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World - Asia/Pacific

Death toll could top 3,000 in Papua New Guinea

Injured child
Injured child calls for his mother in the village of Sissano   

Thousands reported missing after Friday tsunami

July 20, 1998
Web posted at: 1:56 a.m. EDT (0556 GMT)

SISSANO, Papua New Guinea (CNN) -- Rescue crews intensified their search for possible survivors Monday in this Pacific nation after a massive tidal wave destroyed entire villages. But what rescuers mainly found were bloated bodies, and officials said the death toll could top 3,000.

The tidal wave struck west of Aitape in West Sepik province, hitting villages about 370 miles northwest of Port Moresby.

John Tekwi, governor of West Sepik province, was quoted by Australian Broadcasting Corp. as saying the 3,000 figure was a "conservative" estimate. Catholic priest Augustine Kulmana -- based in Aitape, one of the heavily hit regions -- told Reuters that the death toll "could be as high as 3,000."

CNN's John Raedler reports from Papua, New Guinea
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Thousands of people have been reported missing, and a regional state of emergency has been declared. Many of the dead were children too small to run away and too weak to find safety atop coconut trees before the waves engulfed them, Kulmana said.

As the extent of the damage became more clear Monday, the scenes were harrowing. Hundreds of bodies were floating in the sea or nearby lagoons, trapped in mangrove swamps or swept inland by the massive wave.

Fisherman Jerry Apuan said that he couldn't even count the number of bodies floating near one of the devastated villages.

Image gallery:
More tidal wave damage

Survivor: Only coconut trees stand where villages flourished

"There were so many bodies together I had to move the boat slowly to pass through them," he said. "I was afraid. It was the first time I had seen so many bodies."

The village of Arop was built on a sand spit and had a population of about 2,000 people. It no longer exists. Reporters who flew over the scene said there were no survivors to be seen.

A tidal wave, or tsunami, can be caused by an undersea earthquake or landslide, or a volcanic eruption. The phenomenon is most common in the Pacific Ocean. Tidal waves start as an insignificant ripple on the ocean's surface capable of passing under a ship unnoticed, but they become giants as they approach land, destroying everything in their path. They can travel across the ocean at speeds of up to 620 mph (1,000 km/h). "A tsunami is not a single wave, but a series of waves. As the tsunami enters the shoaling waters of coastlines in its path, the velocity of its waves diminishes and wave height increases," according to Hawaii's Tsunami Warning System.

The latest official estimate from Australian defense sources put the death toll in excess of 1,000 people, mostly children and older people. The figure is expected to rise as rescuers gain better access to submerged villages. With many of the bodies quickly detoriorating due to intense tropical heat, bereaved families already have buried at least 725 victims.

A wall of water 23 feet (7 meters) high hit an area of about 10,000 people Friday night without warning, following a 7.0 magnitude earthquake about 18 miles (30 km) off the coast in the Pacific Ocean.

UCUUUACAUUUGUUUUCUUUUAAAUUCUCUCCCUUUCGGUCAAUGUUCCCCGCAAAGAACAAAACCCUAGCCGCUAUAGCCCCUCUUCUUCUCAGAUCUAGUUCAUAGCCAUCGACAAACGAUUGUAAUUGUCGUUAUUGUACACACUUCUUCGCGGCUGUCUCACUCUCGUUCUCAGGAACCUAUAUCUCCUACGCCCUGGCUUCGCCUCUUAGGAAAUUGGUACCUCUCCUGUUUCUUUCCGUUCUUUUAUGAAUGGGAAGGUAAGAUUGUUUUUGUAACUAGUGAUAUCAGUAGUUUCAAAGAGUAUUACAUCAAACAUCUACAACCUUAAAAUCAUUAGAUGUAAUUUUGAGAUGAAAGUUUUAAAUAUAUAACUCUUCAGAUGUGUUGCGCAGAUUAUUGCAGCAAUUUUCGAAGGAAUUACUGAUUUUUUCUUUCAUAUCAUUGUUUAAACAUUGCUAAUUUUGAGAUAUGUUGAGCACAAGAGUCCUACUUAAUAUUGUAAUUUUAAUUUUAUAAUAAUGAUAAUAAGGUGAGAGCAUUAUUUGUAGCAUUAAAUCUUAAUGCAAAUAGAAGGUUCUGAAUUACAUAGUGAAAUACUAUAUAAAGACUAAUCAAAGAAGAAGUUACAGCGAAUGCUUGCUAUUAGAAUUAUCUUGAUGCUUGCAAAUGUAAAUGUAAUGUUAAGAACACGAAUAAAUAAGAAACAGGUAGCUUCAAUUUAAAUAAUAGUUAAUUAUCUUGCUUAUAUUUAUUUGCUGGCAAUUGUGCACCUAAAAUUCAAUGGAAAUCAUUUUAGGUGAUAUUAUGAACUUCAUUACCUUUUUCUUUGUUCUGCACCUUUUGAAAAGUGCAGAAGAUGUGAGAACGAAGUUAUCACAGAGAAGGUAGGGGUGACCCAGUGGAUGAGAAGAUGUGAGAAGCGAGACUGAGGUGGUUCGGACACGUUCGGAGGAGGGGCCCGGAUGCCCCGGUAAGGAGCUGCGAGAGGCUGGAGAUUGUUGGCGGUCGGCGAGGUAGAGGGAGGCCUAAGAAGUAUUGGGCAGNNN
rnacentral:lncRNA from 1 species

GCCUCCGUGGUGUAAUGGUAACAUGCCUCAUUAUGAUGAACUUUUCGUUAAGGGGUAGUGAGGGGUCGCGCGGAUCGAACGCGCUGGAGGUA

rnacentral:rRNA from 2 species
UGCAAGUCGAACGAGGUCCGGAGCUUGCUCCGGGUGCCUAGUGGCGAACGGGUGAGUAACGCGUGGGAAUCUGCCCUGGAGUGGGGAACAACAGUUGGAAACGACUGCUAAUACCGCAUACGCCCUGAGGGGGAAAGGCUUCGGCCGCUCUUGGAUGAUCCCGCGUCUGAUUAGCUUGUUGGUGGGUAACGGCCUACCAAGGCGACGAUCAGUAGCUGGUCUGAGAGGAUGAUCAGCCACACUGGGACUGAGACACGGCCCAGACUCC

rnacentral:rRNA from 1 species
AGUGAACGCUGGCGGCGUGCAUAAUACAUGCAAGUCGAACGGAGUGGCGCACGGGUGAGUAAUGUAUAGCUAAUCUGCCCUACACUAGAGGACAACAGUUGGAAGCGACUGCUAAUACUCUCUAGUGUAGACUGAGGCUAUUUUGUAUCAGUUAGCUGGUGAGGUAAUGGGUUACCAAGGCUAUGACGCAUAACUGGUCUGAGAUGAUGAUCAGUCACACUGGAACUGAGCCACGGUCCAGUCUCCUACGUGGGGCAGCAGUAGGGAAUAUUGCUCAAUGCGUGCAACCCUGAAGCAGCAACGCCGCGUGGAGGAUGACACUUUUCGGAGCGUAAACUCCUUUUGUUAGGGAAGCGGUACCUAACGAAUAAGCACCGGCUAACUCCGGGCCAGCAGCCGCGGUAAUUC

Premier appeals for international aid

Papua New Guinea Prime Minister Bill Skate appealed for urgent medical help for injured victims of Friday's deluge. He said one area of coast, where four or five villages once stood, was obliterated.

Australian Air Force
Royal Australian Air Force personnel load a C-130 with supplies for the stricken areas in Papua New Guinea   

"It's been totally destroyed, and the population around that area is around 8,000 to 10,000 ... but we just don't known where most of the people are," he said.

He called for immediate international aid: "Medical equipment, your expertise -- professional experts like surgeons to come down, because a lot of people have broken skulls, broken legs, all the flesh has come out, and it's a very sore sight. We have doctors here, but I think we don't have the full capacity (to treat victims)."

Skate said he would personally help search for survivors who may have fled into the dense bush inland in a frantic rush to escape the waves. He added that he believes the death toll will rise to "2,000 or more."

Area disaster coordinator Dickson Dalle said all schools in the region would be closed. "Schools in Arop, Sissano and Warapu will be closed because we do not have the children -- they're all dead," he said.

The first of three Royal Australian Air Force C-130 transports arrived at Vanimo at first light Monday with emergency supplies including a field hospital and a team of doctors, nurses and engineers. New Zealand said it would be flying medical teams to the region on Monday or Tuesday.

Injured victims
Tidal wave victims await a rescue helicopter   

Vanimo is about 60 miles (96 kilometers) west of the area wiped out by the tsunami, or tidal wave. It is the main administrative center and is close to the border of the Indonesian province of Irian Jaya. The base was being set up there because floodwaters have prevented rescue helicopters from landing along the devastated coast.

On Monday, many survivors were in shock. Health officials said most of the injured suffered multiple fractures or gashes when they were thrown against trees and debris. A CNN reporter in the area said survivors "looked as if they'd been to hell and back."

Papua New Guinea, with a population of 4 million, occupies the eastern half of the island of New Guinea. It has a mountainous, jungle-filled interior that has only been explored in the past 20 to 30 years, along with lush tropical beaches on the coastal plains. The capital, Port Moresby, is about 375 miles east of Australia.

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